General Electric, which supplied much of the power equipment for the electric railroad, in 1933 asked a court to put the railroad in receivership, claiming it was owed $210,000. Management was booted.
By 1938, the writing was on the wall that passenger service was doomed. Many of the interurbans in Ohio and Michigan had already gone extinct.
Bradley cites a Plainfield newspaper account that said Hoosiers had grown apathetic about the interurbans and would be satisfied with the bus, though some appealed for rail's survival.
"Ironically enough, it is reported that most of the people who attended the Greencastle hearing traveled in automobiles and did not patronize the traction line they are attempting to save," the newspaper said.
In 1940, the 72-mile Indianapolis-Terre Haute rail line was discontinued and replaced by bus.
"The auto had been seen as a threat," Bradley wrote, "but never on the vast scale that emerged during the 1930s."
The family auto was convenient, he continued: "One could come and go as he pleased-when he wanted to go-without consulting a schedule or waiting for the interurban car."
In February 1940, Indiana Railroad finally petitioned regulators to abandon all its rail operations and replace them with its own fleet of trucks and buses.
The last regularly scheduled interurban, Muncie-bound Train 36, departed Indianapolis at 11:40 p.m. on Jan. 18, 1941, according to Bradley's book.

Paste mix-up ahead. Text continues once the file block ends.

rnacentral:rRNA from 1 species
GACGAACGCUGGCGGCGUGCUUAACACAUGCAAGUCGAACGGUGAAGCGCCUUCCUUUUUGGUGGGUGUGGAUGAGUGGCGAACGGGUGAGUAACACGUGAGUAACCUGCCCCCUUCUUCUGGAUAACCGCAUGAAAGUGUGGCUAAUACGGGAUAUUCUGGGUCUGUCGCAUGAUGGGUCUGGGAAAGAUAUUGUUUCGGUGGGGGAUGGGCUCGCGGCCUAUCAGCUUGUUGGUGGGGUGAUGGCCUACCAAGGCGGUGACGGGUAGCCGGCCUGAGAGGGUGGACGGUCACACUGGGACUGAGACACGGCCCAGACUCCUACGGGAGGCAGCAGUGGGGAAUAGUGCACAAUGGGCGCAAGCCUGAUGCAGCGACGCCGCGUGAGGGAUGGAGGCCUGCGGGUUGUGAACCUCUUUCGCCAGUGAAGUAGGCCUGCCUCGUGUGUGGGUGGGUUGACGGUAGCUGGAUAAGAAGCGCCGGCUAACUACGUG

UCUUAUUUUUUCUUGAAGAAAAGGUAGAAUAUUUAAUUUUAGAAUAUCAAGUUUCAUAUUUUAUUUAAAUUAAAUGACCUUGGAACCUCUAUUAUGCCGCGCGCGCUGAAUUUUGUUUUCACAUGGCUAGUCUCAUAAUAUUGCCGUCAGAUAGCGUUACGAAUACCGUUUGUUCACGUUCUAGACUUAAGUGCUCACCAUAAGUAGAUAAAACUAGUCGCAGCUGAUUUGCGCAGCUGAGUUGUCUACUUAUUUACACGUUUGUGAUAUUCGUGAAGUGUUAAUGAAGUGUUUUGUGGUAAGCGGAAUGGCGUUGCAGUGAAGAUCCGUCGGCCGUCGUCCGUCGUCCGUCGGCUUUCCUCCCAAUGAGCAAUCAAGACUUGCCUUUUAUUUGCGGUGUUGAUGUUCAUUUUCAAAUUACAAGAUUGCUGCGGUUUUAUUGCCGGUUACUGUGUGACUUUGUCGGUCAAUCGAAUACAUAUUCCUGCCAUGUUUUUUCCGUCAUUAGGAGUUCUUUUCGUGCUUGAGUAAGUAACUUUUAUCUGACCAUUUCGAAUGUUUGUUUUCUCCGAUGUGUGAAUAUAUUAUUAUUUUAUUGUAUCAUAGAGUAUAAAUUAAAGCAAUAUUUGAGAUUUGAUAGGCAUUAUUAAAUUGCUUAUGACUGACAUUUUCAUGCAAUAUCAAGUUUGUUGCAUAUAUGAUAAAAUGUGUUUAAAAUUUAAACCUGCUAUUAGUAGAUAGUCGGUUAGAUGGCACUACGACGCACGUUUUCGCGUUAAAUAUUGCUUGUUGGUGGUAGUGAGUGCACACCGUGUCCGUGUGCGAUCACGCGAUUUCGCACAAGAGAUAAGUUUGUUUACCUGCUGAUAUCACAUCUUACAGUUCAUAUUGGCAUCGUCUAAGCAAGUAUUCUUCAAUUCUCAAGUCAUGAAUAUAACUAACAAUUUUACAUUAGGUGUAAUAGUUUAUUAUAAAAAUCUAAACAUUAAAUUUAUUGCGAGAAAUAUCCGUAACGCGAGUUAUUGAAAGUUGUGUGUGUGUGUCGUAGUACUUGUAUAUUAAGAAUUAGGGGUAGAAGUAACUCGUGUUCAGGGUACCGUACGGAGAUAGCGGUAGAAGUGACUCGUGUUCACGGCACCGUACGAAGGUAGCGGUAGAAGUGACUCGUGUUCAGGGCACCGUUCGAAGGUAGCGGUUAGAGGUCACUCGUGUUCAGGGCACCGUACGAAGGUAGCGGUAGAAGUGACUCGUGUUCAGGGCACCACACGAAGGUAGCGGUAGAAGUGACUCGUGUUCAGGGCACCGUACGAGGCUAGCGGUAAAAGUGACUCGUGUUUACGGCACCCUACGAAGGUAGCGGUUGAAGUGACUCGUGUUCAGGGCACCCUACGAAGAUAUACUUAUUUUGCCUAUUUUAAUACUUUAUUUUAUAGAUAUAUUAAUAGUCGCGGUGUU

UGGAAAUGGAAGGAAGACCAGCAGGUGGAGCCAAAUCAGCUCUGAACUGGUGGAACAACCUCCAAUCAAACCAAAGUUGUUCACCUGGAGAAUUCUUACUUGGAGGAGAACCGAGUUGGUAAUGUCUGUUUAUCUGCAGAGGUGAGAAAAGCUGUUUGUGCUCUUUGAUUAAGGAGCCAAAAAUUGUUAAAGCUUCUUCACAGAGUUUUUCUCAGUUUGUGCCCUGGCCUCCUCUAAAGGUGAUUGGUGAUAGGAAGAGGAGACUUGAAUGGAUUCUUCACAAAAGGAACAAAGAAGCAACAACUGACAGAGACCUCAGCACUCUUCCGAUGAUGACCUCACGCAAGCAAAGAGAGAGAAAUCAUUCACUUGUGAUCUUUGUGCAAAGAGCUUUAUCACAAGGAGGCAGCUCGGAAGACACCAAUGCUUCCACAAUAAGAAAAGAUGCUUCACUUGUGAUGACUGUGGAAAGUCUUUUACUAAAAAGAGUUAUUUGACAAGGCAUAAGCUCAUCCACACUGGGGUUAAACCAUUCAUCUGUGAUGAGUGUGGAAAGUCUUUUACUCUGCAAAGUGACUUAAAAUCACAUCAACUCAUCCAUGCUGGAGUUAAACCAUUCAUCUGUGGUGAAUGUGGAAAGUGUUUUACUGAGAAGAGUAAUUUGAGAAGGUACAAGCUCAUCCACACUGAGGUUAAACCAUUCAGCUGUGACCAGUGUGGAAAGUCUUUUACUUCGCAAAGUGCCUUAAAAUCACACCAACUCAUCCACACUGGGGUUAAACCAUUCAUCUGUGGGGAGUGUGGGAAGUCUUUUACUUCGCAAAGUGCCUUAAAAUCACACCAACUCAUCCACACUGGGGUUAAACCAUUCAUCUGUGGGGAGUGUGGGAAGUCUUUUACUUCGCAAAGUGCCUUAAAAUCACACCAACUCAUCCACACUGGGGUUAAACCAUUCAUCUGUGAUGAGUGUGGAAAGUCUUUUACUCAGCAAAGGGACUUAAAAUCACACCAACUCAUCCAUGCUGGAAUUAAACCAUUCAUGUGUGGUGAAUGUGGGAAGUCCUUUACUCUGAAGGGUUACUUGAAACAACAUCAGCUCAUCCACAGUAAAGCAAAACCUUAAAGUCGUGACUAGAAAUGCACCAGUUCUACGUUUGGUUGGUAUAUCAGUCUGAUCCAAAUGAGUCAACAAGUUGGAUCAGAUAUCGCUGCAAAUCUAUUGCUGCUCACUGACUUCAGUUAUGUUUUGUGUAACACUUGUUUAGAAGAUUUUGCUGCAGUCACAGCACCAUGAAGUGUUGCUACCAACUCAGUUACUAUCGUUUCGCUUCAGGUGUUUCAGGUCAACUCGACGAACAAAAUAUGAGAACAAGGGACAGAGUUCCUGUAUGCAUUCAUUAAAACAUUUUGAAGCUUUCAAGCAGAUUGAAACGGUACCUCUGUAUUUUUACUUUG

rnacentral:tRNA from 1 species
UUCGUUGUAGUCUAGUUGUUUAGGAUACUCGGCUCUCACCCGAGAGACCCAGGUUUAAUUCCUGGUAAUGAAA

The following year, a Chicago machine tool maker, Wesson Co., bought Indiana Railroad. In 1950, the railroad was sold to Indiana and Southeastern Trailways, whose owners previously bought the bus operation of Southeastern Railroad Co. In the early 1970s, the ghost of Indiana Railroad became Southeastern Trailways.
It wasn't until the beginning of the 21st century that a tracked transit vehicle started regular service in Indianapolis-albeit one that serves a microcosm of the city.
In 2003, Clarian Health Partners began operating a 1.4-mile "peoplemover" that rides on an elevated concrete track between Methodist Hospital and Indiana University/Riley Hospital for Children.
The $40 million, privately funded system consists of two trains that run in opposite directions down a track system shadowing Senate Avenue and continuing west on 11th Street and Walnut Street.
Each Swiss-made train carries up to 81 passengers. It can move at up to 28 mph, but passengers might not want to go that fast-the train has a jittery, side-to-side sway that engineers are still trying to smooth out.
In its own way, the monorail-like train does reduce traffic congestion-eliminating the need for laboratory samples to be driven between the hospitals or for employees and patients to drive between facilities, for example.
And the system is poised for its place "as a potential transfer station for future transportation systems developed by the city of Indianapolis," Clarian officials have said.
Streetcars dominated downtown in 1906, gradually replacing horse-drawn wagons on this stretch of Washington Street. Rail eventually extended hundreds of miles from the city.